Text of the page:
With remote work becoming more common than ever, its impact on the recruitment process continues to evolve. In addition to companies changing the benefits and perks, they offer, hiring managers are focusing on different skills and interview questions. Onboarding also continues to become more virtual as remote hires are added to the workforce.
Discover four ways remote work continues to change the recruitment process.
Appropriate Benefits and Perks
The benefits that matter most to remote employees may differ from those that matter to onsite staff. For instance, both groups typically value health insurance, a retirement plan, vacation days, and professional development opportunities. However, remote employees also may want a membership to a coworking space, a pair of noise-canceling headphones, or gift cards from local cafes for beverages and snacks.
Targeted Interview Questions
The interview questions for remote candidates may differ from the ones asked of onsite workers. For instance, one question may be, “How do you stay productive at home?” Interviewers look for honesty and transparency about how candidates handle distractions and challenges to remain productive. Another question may be, “What do you do to avoid miscommunication? How do you address it when it happens?” Because remote staff are unable to physically join conversations and read coworkers’ body language, miscommunication is bound to happen. They may repeat information to verify that it was interpreted correctly or send email summaries of conversations to avoid misunderstandings. When miscommunication occurs, the candidates should talk about the issue, take responsibility for their part, and work to resolve the problem.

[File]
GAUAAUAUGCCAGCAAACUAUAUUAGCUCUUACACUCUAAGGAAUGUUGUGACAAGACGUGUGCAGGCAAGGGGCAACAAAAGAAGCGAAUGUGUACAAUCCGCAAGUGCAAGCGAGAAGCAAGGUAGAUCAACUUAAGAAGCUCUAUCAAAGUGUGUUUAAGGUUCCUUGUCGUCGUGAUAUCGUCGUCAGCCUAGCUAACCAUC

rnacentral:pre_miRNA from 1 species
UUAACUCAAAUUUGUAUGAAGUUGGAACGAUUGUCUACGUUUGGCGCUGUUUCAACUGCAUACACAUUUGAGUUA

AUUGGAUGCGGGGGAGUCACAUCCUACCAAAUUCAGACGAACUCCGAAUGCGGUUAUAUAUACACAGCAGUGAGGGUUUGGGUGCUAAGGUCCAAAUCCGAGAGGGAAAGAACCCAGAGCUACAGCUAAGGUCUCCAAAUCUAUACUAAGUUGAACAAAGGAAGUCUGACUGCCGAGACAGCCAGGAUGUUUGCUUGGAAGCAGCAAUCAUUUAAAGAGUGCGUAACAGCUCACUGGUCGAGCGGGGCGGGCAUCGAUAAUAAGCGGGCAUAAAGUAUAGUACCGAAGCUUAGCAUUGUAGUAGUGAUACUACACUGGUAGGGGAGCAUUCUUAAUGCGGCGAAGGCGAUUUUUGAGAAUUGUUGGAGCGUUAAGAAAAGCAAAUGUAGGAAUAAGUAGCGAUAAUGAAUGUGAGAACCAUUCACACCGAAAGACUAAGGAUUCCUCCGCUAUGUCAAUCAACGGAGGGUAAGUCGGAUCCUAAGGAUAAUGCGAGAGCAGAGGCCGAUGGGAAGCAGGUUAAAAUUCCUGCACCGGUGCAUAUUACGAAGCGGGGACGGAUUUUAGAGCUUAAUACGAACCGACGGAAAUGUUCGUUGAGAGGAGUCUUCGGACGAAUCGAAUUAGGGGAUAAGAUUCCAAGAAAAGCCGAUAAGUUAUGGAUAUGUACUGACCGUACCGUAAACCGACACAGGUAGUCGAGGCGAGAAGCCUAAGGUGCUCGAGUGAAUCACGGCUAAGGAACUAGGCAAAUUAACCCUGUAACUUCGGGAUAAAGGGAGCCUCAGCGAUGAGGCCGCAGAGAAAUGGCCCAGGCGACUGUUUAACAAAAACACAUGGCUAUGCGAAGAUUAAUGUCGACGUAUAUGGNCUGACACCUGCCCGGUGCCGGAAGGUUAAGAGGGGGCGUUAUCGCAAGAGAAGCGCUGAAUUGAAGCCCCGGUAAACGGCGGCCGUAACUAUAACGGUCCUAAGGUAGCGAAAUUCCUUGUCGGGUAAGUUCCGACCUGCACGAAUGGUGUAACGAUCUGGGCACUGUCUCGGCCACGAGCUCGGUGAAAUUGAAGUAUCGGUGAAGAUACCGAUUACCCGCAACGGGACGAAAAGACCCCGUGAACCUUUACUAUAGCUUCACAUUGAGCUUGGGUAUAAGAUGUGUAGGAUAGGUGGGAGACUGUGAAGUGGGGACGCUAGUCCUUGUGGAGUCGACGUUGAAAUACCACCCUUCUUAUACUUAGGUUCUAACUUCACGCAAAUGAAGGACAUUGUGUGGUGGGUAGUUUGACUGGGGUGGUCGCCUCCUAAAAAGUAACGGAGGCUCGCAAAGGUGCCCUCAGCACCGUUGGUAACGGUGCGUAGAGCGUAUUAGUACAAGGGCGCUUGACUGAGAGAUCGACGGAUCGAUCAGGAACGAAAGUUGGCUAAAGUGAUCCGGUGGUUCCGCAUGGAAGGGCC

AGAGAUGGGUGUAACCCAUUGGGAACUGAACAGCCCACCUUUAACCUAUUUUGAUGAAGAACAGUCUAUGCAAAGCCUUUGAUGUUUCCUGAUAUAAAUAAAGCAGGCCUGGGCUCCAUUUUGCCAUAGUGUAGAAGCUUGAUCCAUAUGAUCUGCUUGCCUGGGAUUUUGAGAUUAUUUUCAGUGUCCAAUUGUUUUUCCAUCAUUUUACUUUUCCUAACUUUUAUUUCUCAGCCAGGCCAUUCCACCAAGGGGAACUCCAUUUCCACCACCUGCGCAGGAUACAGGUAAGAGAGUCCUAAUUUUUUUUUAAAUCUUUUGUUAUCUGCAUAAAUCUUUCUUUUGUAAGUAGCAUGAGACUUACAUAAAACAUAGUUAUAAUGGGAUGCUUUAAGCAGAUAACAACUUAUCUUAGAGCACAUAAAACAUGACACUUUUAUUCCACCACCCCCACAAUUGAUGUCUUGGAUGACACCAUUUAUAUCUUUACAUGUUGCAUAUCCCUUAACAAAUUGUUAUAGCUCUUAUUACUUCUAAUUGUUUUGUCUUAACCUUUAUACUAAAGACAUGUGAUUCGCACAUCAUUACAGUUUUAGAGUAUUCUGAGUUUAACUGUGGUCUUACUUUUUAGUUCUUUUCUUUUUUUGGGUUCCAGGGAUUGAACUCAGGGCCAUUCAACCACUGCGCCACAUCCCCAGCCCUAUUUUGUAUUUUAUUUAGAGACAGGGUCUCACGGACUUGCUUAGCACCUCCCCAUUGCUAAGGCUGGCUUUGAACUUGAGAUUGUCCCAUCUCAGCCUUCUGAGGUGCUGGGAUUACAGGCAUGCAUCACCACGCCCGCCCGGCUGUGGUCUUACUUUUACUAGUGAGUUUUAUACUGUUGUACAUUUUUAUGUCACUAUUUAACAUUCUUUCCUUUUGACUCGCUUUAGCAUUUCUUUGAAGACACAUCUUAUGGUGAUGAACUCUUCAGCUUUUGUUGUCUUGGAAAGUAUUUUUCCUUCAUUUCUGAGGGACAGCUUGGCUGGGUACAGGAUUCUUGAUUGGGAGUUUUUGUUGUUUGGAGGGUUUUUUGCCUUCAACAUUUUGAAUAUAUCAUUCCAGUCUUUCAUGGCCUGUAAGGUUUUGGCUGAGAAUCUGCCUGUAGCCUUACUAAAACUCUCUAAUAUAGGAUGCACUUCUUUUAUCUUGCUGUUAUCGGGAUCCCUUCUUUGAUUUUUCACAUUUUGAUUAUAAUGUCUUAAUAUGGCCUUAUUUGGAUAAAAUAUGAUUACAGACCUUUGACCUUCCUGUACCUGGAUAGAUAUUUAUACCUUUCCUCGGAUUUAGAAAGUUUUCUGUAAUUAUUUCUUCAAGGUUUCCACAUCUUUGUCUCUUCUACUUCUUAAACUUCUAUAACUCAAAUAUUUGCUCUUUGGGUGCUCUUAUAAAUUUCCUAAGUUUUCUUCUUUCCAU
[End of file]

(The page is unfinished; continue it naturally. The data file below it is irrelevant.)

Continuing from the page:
The skills needed to work remotely may differ from those needed to work at the office. For instance, a remote employee must be able to manage their time, solve problems, and make decisions with little oversight. They also need to be adaptable, open-minded, accountable, and able to manage projects. Plus, remote workers must openly communicate, pay attention to detail, demonstrate self-discipline, and be proactive.
Remote hires need easy ways to acclimate to the company, its culture, and the role. For instance, online files should contain organizational charts, directories, descriptions of functional areas, and lists of acronyms that new hires may need to know. Also, remote employees need training to help them better understand and perform their job duties. They also require one-on-ones with executives and core team members to get acclimated to the culture. Plus, new hires need regular check-ins from their manager to see where they are at, answer questions, and provide feedback.
Hire Remote Workers
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